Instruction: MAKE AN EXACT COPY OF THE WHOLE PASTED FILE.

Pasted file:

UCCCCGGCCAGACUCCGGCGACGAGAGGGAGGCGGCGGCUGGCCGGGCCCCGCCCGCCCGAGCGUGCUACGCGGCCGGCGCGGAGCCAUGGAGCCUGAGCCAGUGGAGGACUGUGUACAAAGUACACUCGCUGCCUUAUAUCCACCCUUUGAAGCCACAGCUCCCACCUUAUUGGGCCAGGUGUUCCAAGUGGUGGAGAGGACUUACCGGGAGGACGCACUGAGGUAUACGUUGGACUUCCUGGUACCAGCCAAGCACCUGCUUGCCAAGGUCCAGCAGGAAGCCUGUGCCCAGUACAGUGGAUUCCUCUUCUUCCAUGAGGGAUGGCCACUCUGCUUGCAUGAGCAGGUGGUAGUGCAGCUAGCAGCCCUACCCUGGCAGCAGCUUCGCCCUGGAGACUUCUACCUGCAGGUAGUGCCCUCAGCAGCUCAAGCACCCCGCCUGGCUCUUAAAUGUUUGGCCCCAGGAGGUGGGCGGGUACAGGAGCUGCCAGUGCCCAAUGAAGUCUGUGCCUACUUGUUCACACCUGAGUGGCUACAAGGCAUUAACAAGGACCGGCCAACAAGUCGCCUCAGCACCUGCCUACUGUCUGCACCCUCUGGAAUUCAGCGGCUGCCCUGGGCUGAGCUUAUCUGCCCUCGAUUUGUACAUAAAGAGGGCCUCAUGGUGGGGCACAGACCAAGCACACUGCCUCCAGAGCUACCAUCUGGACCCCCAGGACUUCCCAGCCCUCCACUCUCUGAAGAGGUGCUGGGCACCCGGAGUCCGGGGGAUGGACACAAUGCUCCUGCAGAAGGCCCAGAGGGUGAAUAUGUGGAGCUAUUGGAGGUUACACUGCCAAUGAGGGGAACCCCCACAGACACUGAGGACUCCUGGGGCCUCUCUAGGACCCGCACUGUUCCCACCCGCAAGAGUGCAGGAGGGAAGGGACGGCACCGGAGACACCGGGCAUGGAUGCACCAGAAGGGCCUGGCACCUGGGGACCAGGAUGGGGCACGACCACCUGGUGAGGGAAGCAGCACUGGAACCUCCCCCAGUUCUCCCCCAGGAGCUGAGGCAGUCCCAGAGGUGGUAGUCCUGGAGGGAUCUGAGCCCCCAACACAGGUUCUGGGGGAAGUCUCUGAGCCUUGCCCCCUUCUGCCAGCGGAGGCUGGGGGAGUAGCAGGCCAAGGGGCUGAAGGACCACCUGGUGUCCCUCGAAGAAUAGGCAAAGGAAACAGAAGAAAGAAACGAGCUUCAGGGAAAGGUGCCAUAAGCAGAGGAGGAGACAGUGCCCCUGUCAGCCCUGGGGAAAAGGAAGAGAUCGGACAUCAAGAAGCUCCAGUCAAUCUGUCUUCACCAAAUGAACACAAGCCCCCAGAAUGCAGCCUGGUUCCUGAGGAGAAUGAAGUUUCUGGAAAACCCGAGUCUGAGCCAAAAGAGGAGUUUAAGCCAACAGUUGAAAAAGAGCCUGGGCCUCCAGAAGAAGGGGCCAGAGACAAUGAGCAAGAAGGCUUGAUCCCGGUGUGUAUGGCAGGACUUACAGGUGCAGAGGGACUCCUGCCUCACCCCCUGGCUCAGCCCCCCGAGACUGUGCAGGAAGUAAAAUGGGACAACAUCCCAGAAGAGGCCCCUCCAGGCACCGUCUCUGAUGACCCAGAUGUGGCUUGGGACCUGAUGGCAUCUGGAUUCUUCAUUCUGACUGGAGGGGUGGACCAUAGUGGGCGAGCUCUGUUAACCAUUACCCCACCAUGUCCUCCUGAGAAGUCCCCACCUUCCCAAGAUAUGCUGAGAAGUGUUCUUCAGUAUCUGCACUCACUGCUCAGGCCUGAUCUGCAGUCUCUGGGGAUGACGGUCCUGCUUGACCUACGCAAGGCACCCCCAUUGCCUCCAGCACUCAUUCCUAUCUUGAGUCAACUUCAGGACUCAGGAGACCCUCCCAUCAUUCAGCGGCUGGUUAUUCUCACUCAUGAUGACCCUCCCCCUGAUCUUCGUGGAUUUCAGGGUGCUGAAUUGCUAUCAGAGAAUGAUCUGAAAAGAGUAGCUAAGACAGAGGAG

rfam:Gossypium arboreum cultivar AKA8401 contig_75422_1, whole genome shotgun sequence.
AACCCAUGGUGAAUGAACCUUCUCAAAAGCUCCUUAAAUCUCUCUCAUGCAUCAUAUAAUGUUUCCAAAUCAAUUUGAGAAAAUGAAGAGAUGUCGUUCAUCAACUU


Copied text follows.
UCCCCGGCCAGACUCCGGCGACGAGAGGGAGGCGGCGGCUGGCCGGGCCCCGCCCGCCCGAGCGUGCUACGCGGCCGGCGCGGAGCCAUGGAGCCUGAGCCAGUGGAGGACUGUGUACAAAGUACACUCGCUGCCUUAUAUCCACCCUUUGAAGCCACAGCUCCCACCUUAUUGGGCCAGGUGUUCCAAGUGGUGGAGAGGACUUACCGGGAGGACGCACUGAGGUAUACGUUGGACUUCCUGGUACCAGCCAAGCACCUGCUUGCCAAGGUCCAGCAGGAAGCCUGUGCCCAGUACAGUGGAUUCCUCUUCUUCCAUGAGGGAUGGCCACUCUGCUUGCAUGAGCAGGUGGUAGUGCAGCUAGCAGCCCUACCCUGGCAGCAGCUUCGCCCUGGAGACUUCUACCUGCAGGUAGUGCCCUCAGCAGCUCAAGCACCCCGCCUGGCUCUUAAAUGUUUGGCCCCAGGAGGUGGGCGGGUACAGGAGCUGCCAGUGCCCAAUGAAGUCUGUGCCUACUUGUUCACACCUGAGUGGCUACAAGGCAUUAACAAGGACCGGCCAACAAGUCGCCUCAGCACCUGCCUACUGUCUGCACCCUCUGGAAUUCAGCGGCUGCCCUGGGCUGAGCUUAUCUGCCCUCGAUUUGUACAUAAAGAGGGCCUCAUGGUGGGGCACAGACCAAGCACACUGCCUCCAGAGCUACCAUCUGGACCCCCAGGACUUCCCAGCCCUCCACUCUCUGAAGAGGUGCUGGGCACCCGGAGUCCGGGGGAUGGACACAAUGCUCCUGCAGAAGGCCCAGAGGGUGAAUAUGUGGAGCUAUUGGAGGUUACACUGCCAAUGAGGGGAACCCCCACAGACACUGAGGACUCCUGGGGCCUCUCUAGGACCCGCACUGUUCCCACCCGCAAGAGUGCAGGAGGGAAGGGACGGCACCGGAGACACCGGGCAUGGAUGCACCAGAAGGGCCUGGCACCUGGGGACCAGGAUGGGGCACGACCACCUGGUGAGGGAAGCAGCACUGGAACCUCCCCCAGUUCUCCCCCAGGAGCUGAGGCAGUCCCAGAGGUGGUAGUCCUGGAGGGAUCUGAGCCCCCAACACAGGUUCUGGGGGAAGUCUCUGAGCCUUGCCCCCUUCUGCCAGCGGAGGCUGGGGGAGUAGCAGGCCAAGGGGCUGAAGGACCACCUGGUGUCCCUCGAAGAAUAGGCAAAGGAAACAGAAGAAAGAAACGAGCUUCAGGGAAAGGUGCCAUAAGCAGAGGAGGAGACAGUGCCCCUGUCAGCCCUGGGGAAAAGGAAGAGAUCGGACAUCAAGAAGCUCCAGUCAAUCUGUCUUCACCAAAUGAACACAAGCCCCCAGAAUGCAGCCUGGUUCCUGAGGAGAAUGAAGUUUCUGGAAAACCCGAGUCUGAGCCAAAAGAGGAGUUUAAGCCAACAGUUGAAAAAGAGCCUGGGCCUCCAGAAGAAGGGGCCAGAGACAAUGAGCAAGAAGGCUUGAUCCCGGUGUGUAUGGCAGGACUUACAGGUGCAGAGGGACUCCUGCCUCACCCCCUGGCUCAGCCCCCCGAGACUGUGCAGGAAGUAAAAUGGGACAACAUCCCAGAAGAGGCCCCUCCAGGCACCGUCUCUGAUGACCCAGAUGUGGCUUGGGACCUGAUGGCAUCUGGAUUCUUCAUUCUGACUGGAGGGGUGGACCAUAGUGGGCGAGCUCUGUUAACCAUUACCCCACCAUGUCCUCCUGAGAAGUCCCCACCUUCCCAAGAUAUGCUGAGAAGUGUUCUUCAGUAUCUGCACUCACUGCUCAGGCCUGAUCUGCAGUCUCUGGGGAUGACGGUCCUGCUUGACCUACGCAAGGCACCCCCAUUGCCUCCAGCACUCAUUCCUAUCUUGAGUCAACUUCAGGACUCAGGAGACCCUCCCAUCAUUCAGCGGCUGGUUAUUCUCACUCAUGAUGACCCUCCCCCUGAUCUUCGUGGAUUUCAGGGUGCUGAAUUGCUAUCAGAGAAUGAUCUGAAAAGAGUAGCUAAGACAGAGGAG

rfam:Gossypium arboreum cultivar AKA8401 contig_75422_1, whole genome shotgun sequence.
AACCCAUGGUGAAUGAACCUUCUCAAAAGCUCCUUAAAUCUCUCUCAUGCAUCAUAUAAUGUUUCCAAAUCAAUUUGAGAAAAUGAAGAGAUGUCGUUCAUCAACUU